Saturday, January 3, 2009

Sold on Wallace Wallace

As all good writers know, the combination of a a flashy cover plus a shocking title can be the best marketing ploy--and no one knows this better than Gordon Korman.

No More Dead Dogs, with its bold red title sprayed across a canary-yellow cover (featuring a German Shepherd--belly up),lures readers into the uproarious story of Wallace Wallace, a typical 8th grader in every way but one: he refuses to tell a lie.

As a teacher, I immediately thought: "Oh, okay, I get it-- this is going to turn out to be a story about a kid with Autism" (we in the biz are conditioned to classify every little quirk as a possible symptom these days). Nope. Motivated solely by the fact that his deadbeat father is a world-class liar, Wallace Wallace commits himself to a life of honesty; for better, or for worse.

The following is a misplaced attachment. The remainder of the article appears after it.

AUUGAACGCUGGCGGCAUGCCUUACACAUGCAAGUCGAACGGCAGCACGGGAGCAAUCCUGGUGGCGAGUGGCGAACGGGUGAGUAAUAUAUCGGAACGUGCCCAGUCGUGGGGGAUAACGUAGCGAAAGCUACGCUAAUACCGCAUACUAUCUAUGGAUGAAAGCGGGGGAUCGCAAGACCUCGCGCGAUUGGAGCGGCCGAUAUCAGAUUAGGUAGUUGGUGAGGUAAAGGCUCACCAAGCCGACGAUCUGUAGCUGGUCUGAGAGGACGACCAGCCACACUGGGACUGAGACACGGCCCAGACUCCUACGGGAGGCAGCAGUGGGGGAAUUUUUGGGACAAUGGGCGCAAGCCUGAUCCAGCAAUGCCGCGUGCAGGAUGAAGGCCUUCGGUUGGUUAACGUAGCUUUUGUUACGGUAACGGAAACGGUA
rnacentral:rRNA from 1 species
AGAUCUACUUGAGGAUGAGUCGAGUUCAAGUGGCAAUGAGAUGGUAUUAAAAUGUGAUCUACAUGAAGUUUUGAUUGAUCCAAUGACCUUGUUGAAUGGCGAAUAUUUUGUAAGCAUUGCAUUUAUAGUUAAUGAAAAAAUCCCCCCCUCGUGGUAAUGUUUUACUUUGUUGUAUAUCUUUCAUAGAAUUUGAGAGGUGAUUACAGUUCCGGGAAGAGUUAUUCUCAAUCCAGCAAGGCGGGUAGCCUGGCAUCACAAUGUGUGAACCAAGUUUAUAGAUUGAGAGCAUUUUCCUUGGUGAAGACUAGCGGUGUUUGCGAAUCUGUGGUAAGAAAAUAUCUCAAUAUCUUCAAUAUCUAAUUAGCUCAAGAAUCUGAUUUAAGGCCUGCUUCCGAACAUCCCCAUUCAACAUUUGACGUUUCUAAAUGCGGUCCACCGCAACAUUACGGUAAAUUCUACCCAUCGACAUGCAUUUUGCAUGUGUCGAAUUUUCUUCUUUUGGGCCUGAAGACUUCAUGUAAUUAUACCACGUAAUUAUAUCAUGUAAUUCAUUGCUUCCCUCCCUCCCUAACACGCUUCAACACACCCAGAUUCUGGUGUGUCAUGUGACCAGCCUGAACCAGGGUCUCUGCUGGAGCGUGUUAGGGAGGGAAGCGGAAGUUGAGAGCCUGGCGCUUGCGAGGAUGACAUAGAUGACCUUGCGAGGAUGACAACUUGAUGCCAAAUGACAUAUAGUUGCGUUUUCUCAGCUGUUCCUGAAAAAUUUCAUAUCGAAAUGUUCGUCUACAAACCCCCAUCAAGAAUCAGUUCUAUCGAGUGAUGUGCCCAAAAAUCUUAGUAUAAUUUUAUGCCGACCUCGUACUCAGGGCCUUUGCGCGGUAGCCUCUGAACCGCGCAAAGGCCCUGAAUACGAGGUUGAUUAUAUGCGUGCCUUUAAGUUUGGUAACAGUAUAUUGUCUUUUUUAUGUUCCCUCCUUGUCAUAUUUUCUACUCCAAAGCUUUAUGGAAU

The story is nicely balanced. Most memorable, perhaps, are a series of events that range from painfully awkward to painfully hilarious. But,then, neatly woven into the slapstick is the tale of a reluctant football star-turned reluctant drama nerd, upsetting social balances at every stop along the way.

I really liked this book, for a lot of reasons. Young Adult Literature is a genre earmarked with self-importance. No More Dead Dogs is a novel that never takes itself too seriously. The comedy scenes (of which there are many) are un-apologetically goofy. The dialog is gimmicky and superficial-- much like that of the adolescents with whom I deal daily. To put it simply: No More Dead Dogs does a damn good job making itself appealing to the target audience while managing to tell a solid, enriching story at the same time.

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